One of the main questions we are always asked is: when is the best time of year to sell or let a home? While there is no absolute optimum time to put your property on the market, seasonal patterns can affect buying and selling habits. It is no different in CM21, with certain times of the year proving to be more fruitful than others.
Spring is often considered the season when the market picks up and hits its stride. The warmer weather and lighter evenings give people extra motivation to go on viewings, while the bright daylight can help your home look that bit more appealing. Your garden (if you have one) will also seem much more appealing in the spring months. It turns out that Sawbridgeworth saw 29.6% of properties sell during the months of spring.
August and early September can be a quiet time for the property market. The schools have broken up for the summer and lots of people go on holiday around this time of year. That means there are fewer people around for viewings — especially families. It is a different story in June and July though, which can be the busiest months for selling homes, with the market peaking before the schools break up. The summer months saw 21.9% of properties sold in Sawbridgeworth.
Thanks to mild weather and light evenings, the early part of autumn can still prove buoyant for property sales. Children are back at school which gives parents more time to concentrate on buying a new home, and most of the people looking on the market in the autumn will hope to find their perfect property in time for Christmas. Towards the end of autumn, the colder weather and the shorter days can lead to a slight dip in the market. Sawbridgeworth sold 23.5% of properties in the autumn months.
Winter can be a trickier time of the year to sell a property as the market slows down and everyone’s thoughts turn to Christmas. However, there can still be positive movement in the colder months; buyers who are searching for property at this time of year will be more determined about purchasing a new home. The winter months in Sawbridgeworth saw 25.0% of properties sold.
For landlords thinking about letting their buy-to-let, the patterns can be slightly different compared to the sales market. There is still no set season, but the start of the year and summer time can prove to be busier periods. Many people change jobs and relocate at the beginning of the year, while the summer is popular with students looking for accommodation near universities.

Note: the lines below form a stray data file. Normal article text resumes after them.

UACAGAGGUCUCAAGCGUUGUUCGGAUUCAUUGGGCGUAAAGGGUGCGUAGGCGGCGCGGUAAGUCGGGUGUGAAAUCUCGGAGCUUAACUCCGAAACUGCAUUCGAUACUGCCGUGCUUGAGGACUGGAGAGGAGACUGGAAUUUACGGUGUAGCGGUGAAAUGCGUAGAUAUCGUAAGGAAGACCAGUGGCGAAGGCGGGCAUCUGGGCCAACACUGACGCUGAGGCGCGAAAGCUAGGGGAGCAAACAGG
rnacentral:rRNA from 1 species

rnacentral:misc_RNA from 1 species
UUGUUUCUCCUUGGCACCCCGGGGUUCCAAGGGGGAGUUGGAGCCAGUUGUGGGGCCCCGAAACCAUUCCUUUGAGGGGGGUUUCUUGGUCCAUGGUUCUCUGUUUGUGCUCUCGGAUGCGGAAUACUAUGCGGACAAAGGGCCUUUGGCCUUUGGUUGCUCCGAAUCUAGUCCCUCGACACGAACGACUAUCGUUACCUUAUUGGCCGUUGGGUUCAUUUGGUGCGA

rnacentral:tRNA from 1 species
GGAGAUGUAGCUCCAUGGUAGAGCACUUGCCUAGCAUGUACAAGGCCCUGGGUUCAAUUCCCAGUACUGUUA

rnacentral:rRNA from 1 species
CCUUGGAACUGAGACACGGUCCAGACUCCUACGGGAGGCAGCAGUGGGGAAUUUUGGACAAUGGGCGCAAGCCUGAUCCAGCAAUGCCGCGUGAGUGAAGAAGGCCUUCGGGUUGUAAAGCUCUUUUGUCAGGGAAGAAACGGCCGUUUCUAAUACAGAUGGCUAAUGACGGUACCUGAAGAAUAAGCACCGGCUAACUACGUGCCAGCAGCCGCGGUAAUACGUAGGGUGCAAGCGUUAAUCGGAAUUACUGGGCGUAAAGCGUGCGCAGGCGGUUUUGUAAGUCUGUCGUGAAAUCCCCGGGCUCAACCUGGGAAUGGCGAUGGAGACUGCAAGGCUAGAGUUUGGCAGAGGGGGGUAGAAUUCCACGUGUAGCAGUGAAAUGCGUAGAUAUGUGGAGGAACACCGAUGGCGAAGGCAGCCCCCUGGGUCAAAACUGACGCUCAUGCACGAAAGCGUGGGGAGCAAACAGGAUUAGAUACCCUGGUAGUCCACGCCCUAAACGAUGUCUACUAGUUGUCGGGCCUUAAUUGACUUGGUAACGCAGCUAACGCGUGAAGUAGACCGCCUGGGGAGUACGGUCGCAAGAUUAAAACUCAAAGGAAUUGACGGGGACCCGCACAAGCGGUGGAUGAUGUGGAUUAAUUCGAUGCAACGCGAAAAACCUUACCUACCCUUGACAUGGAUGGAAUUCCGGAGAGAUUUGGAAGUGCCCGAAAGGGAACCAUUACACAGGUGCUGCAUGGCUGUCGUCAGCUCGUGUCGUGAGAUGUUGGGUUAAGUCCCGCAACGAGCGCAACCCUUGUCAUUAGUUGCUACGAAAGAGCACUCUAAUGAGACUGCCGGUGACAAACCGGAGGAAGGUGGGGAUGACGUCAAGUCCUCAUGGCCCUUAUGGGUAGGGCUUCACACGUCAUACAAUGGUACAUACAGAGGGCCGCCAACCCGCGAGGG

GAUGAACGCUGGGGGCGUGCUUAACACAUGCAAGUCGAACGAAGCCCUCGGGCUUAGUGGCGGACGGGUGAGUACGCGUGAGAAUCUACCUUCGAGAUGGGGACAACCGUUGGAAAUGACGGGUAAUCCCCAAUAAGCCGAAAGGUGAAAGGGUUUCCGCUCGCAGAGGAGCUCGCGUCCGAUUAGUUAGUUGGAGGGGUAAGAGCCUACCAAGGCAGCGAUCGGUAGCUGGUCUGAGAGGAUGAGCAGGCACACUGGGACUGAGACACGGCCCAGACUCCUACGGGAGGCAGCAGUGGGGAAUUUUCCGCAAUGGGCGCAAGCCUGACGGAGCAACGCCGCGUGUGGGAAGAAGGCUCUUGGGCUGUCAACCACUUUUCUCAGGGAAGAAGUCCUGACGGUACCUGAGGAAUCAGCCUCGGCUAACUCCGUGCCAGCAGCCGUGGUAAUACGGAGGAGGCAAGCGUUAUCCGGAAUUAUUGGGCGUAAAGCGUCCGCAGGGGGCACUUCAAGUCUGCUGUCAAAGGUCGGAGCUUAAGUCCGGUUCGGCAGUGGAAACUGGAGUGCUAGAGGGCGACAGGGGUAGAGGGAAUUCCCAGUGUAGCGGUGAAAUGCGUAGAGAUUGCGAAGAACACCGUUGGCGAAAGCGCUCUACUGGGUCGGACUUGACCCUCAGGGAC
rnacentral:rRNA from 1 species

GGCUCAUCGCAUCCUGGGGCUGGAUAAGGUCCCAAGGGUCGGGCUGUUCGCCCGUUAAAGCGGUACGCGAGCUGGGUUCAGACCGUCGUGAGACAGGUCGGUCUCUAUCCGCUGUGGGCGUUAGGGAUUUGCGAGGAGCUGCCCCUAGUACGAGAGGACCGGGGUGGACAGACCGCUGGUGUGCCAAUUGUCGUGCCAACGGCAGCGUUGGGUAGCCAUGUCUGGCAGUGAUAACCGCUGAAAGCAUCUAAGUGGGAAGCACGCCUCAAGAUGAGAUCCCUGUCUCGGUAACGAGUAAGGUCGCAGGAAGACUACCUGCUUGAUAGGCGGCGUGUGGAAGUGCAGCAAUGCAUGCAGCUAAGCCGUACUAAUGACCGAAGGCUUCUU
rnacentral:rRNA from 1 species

As you can see, spring is the most popular time to sell property in Sawbridgeworth, with 29.6% of homes selling for an average of £378,700. Of course, the housing market is all-year round, which means the other seasons should not be ignored. Whether it is spring, summer, autumn or winter, we would love you to pop in and have a chat with us about your property.
Price growth for properties
Due to the government’s budget moving to the autumn, we are unlikely to see market activity affected by new policy changes in the short term. With market confidence strong and a positive outlook for the construction industry, we expect steady price growth. In fact, average sold prices of terraces is up 14.2% in 18 months.
Local wealth distribution
Whether an area is ‘up-and-coming’ or has arrived, the wealth distribution can indicate if the area has the character you are after. In Sawbridgeworth, the majority of households are ‘more comfortable’ (36.6%). The corresponding figure in the region is 30.8%, whereas the national average is 30.3%.
Property transactions levels holding steady
The Brexit vote and the falling value of the pound have led some to think sales levels might have dipped in the market. However, as the chart shows, sales levels have remained steady throughout the year, contrary to the perceived negativity in the market. We expect steady sales levels in the coming 12 months.
How old are residents in Sawbridgeworth?
The spread of ages of local residents can give insights into the personality of an area. In Sawbridgeworth, the ages of local residents can be split into the following six categories: